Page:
By David Thill
In the office, doctors are trying new approaches to mitigate obesity
Despite recent declines, the overall prevalence of childhood obesity in the United States is a serious problem, according to the Centers for Disease Control and Prevention. School-aged children and young adults have higher rates of obesity than preschool-aged children, and children in low-income families are disproportionately affected. More than one-third of U.S. adults have obesity.
As new research continues to emerge on the causes, outcomes, and treatment of the epidemic, many doctors are taking new approaches when working with patients to mitigate the problem.
Discussions with patients about obesity have changed dramatically in recent years, says Christopher Bolling, M.D., a pediatrician at Pediatric Associates PSC in Crestview Hills, Ky. Bolling and his colleagues have begun using “motivational interviewing” with patients and parents, a discussion approach that he says is more collaborative than prescriptive.
Recommended by the American Academy of Pediatrics, the technique involves asking open-ended questions to patients. “We spend time helping patients explore how they feel about their own weight, rather than telling them to lose weight,” says Bolling. Noting that weight is a sensitive topic for children and their parents, he sees this approach as a way of exploring what their feelings are before beginning a full-fledged discussion.
With this approach, he has seen families become more open to discussions about the issue. “It’s a way of talking with families so they’re more receptive to the message.”
Similarly, Nitin Damle, M.D., M.S., FACP, president of the American College of Physicians (ACP), has seen a “definite shift” in attention to obesity among patients and doctors, as both groups recognize the risk factors the problem poses, from diabetes, to heart disease, to stroke. Patients are more comfortable discussing obesity with their doctors as long as the conversation is not judgmental and is set in a positive context, he says.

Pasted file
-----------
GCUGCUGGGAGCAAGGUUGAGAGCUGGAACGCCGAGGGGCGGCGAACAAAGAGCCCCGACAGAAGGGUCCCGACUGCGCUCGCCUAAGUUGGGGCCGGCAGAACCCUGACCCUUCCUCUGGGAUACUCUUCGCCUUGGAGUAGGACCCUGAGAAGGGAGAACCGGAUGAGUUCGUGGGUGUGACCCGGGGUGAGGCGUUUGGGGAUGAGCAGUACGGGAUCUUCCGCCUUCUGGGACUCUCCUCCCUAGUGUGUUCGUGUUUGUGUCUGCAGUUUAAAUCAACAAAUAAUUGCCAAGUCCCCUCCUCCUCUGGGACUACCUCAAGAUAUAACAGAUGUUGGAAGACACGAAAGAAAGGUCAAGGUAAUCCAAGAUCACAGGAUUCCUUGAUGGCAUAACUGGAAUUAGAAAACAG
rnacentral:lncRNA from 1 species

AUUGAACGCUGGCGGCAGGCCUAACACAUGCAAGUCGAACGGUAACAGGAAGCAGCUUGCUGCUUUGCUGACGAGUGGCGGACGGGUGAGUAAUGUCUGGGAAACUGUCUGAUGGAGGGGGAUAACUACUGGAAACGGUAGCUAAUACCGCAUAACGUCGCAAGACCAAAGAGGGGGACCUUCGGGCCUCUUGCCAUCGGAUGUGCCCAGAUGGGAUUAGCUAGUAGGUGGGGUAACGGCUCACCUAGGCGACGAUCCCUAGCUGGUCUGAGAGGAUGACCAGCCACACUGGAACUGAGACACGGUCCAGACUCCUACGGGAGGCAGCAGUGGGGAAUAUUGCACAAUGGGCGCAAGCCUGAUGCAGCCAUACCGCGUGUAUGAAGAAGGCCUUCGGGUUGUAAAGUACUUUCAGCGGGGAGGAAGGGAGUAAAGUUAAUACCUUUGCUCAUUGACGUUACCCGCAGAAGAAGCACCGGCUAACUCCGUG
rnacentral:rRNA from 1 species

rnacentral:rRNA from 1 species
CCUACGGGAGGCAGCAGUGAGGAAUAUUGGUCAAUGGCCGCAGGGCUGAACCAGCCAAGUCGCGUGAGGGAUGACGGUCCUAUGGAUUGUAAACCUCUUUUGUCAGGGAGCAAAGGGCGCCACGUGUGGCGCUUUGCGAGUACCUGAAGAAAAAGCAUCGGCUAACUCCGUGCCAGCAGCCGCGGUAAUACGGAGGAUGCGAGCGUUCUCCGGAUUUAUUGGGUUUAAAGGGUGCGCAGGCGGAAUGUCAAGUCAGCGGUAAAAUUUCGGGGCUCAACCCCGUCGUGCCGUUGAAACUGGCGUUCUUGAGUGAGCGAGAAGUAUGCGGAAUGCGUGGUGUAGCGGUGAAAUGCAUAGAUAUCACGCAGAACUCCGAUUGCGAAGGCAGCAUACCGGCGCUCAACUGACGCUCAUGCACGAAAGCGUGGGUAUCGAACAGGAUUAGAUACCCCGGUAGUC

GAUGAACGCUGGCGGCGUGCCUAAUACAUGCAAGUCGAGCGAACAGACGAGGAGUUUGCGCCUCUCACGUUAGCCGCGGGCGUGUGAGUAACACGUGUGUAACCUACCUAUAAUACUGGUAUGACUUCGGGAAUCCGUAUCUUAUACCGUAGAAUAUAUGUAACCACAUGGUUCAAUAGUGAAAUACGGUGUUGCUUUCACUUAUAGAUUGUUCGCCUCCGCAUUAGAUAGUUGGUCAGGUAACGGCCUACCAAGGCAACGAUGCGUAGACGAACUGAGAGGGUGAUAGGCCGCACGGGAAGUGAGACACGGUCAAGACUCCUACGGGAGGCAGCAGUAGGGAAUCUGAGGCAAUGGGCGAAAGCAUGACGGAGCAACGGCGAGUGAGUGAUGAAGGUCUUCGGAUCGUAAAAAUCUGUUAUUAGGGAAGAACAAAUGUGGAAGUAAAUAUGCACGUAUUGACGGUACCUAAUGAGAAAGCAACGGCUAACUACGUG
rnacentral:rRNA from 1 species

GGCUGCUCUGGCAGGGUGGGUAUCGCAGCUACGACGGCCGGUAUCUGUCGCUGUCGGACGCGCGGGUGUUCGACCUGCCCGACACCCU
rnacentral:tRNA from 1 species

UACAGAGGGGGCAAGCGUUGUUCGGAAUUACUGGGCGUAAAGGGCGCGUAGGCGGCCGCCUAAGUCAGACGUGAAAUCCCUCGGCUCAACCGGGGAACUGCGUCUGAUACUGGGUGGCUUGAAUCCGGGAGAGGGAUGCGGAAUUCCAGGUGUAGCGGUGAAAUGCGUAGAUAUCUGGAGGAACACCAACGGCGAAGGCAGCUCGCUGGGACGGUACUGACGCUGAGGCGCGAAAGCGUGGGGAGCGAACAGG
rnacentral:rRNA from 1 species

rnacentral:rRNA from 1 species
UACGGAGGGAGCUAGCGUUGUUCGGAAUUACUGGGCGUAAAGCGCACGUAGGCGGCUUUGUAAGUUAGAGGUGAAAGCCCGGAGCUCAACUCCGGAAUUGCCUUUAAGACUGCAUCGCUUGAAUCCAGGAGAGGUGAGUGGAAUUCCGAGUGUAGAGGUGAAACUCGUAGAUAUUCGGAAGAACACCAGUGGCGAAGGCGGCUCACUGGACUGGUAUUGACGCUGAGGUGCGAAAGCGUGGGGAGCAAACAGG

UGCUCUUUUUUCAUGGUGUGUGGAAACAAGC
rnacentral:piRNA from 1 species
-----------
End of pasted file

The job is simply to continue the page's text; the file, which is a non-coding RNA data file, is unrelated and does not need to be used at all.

Poverty and obesity
While it is clear that behavioral factors such as diet are important, there is growing evidence that other factors affect the likelihood of a person experiencing obesity. “There’s an emerging understanding that your genetics affect it,” says Bolling. For example, some people have more resistance to the hormone leptin, meaning they are more predisposed to obesity. However, many of these genetic factors are not yet fully understood.
Bolling believes the condition is tied to socioeconomic status more than other factors (like race and ethnicity). For example, doctors in practices where many patients are on Medicaid will see a much higher prevalence of obesity, he says.
In a 2010 study, the American Diabetes Association (ADA) found a correlation between high poverty rates and high obesity rates in the U.S. One factor contributing to this correlation is the lack of access to healthy, affordable food for impoverished Americans. When food security is an issue, “you eat what you can get your hands on,” says Bolling. “Kids will overeat because they’re not sure where their next meal will come from.”
The ADA study also noted higher rates of inactivity in counties where poverty is more prevalent. This inactivity could be the result of less outdoor activity in areas prone to violence, as well as lack of access to parks, sports facilities, and gyms in impoverished areas. “What is unknown is whether reversing poverty would reverse sedentariness and obesity,” the study’s authors wrote. However, “The link between obesity, inactivity, and poverty may be too costly to ignore because obesity-associated chronic disease already accounts for 70 percent of U.S. health costs.”